Also, socket T or 775 has no real bearing on 64 bit or not, I used 939 or AMD64 as an example of really the first iteration, if you ran a 478 socket test on your CPU, all the supporting instruction set features can be determined with the spec'ing software out there that we mention all the time, CPU Z of course, but SIV is a great tool for a massive feature check list, as is PCWizard and Everest.

You can set properties for compatibility mode in the reverse, but moving to newer tech with older software often creates issues just because of the age and time that software was written and taking into compatible systems they design it for.
I believe I have a Celeron in the last eMachine I worked on, one that was tossed out, and I saved it! haha That Celeron is for a 775 socket, but supports 64 bit, I stored it, so I can't really recall if it was running any 64 bit OS, but perhaps Celeron is more of a gamble handling it, This one was my first 775 Celeron I ever had, and that series still continues, but they are planning a possible retirement of Pentium as a chip name, I'm not sure if Celeron will be also put to rest

SyphonPayne
  • SyphonPayne

    E FOR EFFORT!!!

  • Members
  • Joined: 08 Aug 2003

#3

Posted 14 April 2012 - 06:51 PM

Yeah CPUs are usually the last thing I troubleshoot on a PC. For future reference, you can run Prime95, Linpack, etc. to test for CPU errors (you probably already knew that smile.gif .)

Slamman
  • Slamman

    Godawful-Disturbed-Earl Root

  • Members
  • Joined: 29 Nov 2003
  • United-States

#4

Posted 14 April 2012 - 08:54 PM

In all the CPUs I've encountered, I never had them acting erratic, but if one is damaged, the system fails to boot and function in that regard. Strange

Stinky12
  • Stinky12

    No title

  • Members
  • Joined: 14 Oct 2010

#5

Posted 15 April 2012 - 01:46 AM

Prime95 doesn't pinpoint exactly what is wrong, you still have to do all the work. It's like the new 2011 Asus ROG board that lets you volt mod your GPU, some wannabe OCer thinks the bios can tinker that
within the PCIe. It doesn't work that way, the traditional method still applies. Asus just makes it a bit a lot easier to help you make your adjustments.

F4L?
  • F4L?

    Well I'm sorry, Princess.

  • Members
  • Joined: 31 Jan 2010
  • None

#6

Posted 15 April 2012 - 03:05 AM

That must have been a serious pain in the ass, i would have been tearing hair out.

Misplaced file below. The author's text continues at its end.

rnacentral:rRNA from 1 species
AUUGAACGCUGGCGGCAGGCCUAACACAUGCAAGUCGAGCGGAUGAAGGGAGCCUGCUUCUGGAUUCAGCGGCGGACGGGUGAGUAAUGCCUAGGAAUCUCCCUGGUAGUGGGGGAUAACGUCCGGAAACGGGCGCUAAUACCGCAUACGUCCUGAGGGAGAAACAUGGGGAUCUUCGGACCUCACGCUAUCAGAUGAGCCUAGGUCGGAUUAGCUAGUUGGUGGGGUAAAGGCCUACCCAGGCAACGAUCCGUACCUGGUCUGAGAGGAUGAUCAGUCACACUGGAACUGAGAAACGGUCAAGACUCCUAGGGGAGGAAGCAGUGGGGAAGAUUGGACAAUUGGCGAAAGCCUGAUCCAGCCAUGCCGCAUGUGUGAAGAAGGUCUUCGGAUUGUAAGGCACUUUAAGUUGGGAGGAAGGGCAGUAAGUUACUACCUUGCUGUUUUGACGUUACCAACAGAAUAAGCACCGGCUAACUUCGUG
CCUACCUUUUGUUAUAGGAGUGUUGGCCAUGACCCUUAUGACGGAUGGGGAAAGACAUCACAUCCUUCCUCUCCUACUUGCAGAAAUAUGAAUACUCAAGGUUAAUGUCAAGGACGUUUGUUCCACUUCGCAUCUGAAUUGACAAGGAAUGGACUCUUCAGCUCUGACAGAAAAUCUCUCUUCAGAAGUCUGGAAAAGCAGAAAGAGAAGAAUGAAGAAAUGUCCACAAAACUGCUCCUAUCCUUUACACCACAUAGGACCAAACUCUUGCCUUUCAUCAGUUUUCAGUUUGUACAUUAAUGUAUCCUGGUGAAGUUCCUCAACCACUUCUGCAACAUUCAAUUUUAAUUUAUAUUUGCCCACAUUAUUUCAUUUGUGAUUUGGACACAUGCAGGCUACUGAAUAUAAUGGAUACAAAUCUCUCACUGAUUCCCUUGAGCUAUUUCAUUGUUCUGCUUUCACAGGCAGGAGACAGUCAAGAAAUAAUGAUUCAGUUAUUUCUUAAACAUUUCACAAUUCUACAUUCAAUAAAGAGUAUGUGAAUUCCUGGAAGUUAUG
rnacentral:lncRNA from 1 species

Who woulda thought? I'll keep that in mind, maybe it will happen to me one day.

SyphonPayne
  • SyphonPayne

    E FOR EFFORT!!!

  • Members
  • Joined: 08 Aug 2003

#7

Posted 15 April 2012 - 03:43 AM

QUOTE (Stinky12 @ Saturday, Apr 14 2012, 20:46)
Prime95 doesn't pinpoint exactly what is wrong, you still have to do all the work. It's like the new 2011 Asus ROG board that lets you volt mod your GPU, some wannabe OCer thinks the bios can tinker that
within the PCIe. It doesn't work that way, the traditional method still applies. Asus just makes it a bit a lot easier to help you make your adjustments.

Prime95 tests memory and RAM. If you replace the RAM and still get errors, bingo it's the CPU (or mobo.) It has different torture test modes. Small, large FFT and Blend. Small is CPU-only, large is CPU + a little RAM (and mostly the hardest one to pass,) blend tests a lot (but not all) of your RAM, also a hard one to beat, but easier than large FFT. Linpack will test the CPU solely, but there is still the chance of the motherboard being the problem.

Slamman
  • Slamman

    Godawful-Disturbed-Earl Root

  • Members
  • Joined: 29 Nov 2003
  • United-States

#8

Posted 15 April 2012 - 09:03 PM

I am figuring I wrote down specs on the eMachine I got with Celeron 775 chip, Since it does appear 64bit capable, when I get a chance, I'll test drive a new HDD with it, using Windows 7 Home Premium 64, the only copy of Win 7 I have so far.

Syphon, Memory and RAM are the same thing, be more specific there! haha

SyphonPayne
  • SyphonPayne

    E FOR EFFORT!!!

  • Members
  • Joined: 08 Aug 2003

#9

Posted 16 April 2012 - 03:33 AM

I meant CPU and RAM, but hey, at least you were helpful for once in your spam fest!

Slamman
  • Slamman

    Godawful-Disturbed-Earl Root

  • Members
  • Joined: 29 Nov 2003
  • United-States

#10

Posted 16 April 2012 - 07:09 AM

Nah, that ain't true, I'm more then helpful, I'm informative "to boot"
The problem with MEMORY for the layman is the use of Gigabytes and Megabyte terms for size in terms of HDD and memory RAM modules




1 user(s) are reading this topic

0 members, 1 guests, 0 anonymous users